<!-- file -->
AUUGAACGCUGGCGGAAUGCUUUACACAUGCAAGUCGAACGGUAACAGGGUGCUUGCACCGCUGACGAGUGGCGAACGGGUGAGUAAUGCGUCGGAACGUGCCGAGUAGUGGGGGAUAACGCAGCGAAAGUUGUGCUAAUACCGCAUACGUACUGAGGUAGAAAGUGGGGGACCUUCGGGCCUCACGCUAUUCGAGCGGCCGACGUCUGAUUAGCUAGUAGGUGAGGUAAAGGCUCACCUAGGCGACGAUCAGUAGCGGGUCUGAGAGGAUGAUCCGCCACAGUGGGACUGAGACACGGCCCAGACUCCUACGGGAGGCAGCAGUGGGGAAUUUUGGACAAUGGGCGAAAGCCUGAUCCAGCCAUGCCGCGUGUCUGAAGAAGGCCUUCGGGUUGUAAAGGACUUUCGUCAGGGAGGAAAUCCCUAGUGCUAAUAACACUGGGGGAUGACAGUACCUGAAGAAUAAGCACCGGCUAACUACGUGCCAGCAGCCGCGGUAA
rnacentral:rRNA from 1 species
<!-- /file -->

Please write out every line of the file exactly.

AUUGAACGCUGGCGGAAUGCUUUACACAUGCAAGUCGAACGGUAACAGGGUGCUUGCACCGCUGACGAGUGGCGAACGGGUGAGUAAUGCGUCGGAACGUGCCGAGUAGUGGGGGAUAACGCAGCGAAAGUUGUGCUAAUACCGCAUACGUACUGAGGUAGAAAGUGGGGGACCUUCGGGCCUCACGCUAUUCGAGCGGCCGACGUCUGAUUAGCUAGUAGGUGAGGUAAAGGCUCACCUAGGCGACGAUCAGUAGCGGGUCUGAGAGGAUGAUCCGCCACAGUGGGACUGAGACACGGCCCAGACUCCUACGGGAGGCAGCAGUGGGGAAUUUUGGACAAUGGGCGAAAGCCUGAUCCAGCCAUGCCGCGUGUCUGAAGAAGGCCUUCGGGUUGUAAAGGACUUUCGUCAGGGAGGAAAUCCCUAGUGCUAAUAACACUGGGGGAUGACAGUACCUGAAGAAUAAGCACCGGCUAACUACGUGCCAGCAGCCGCGGUAA
rnacentral:rRNA from 1 species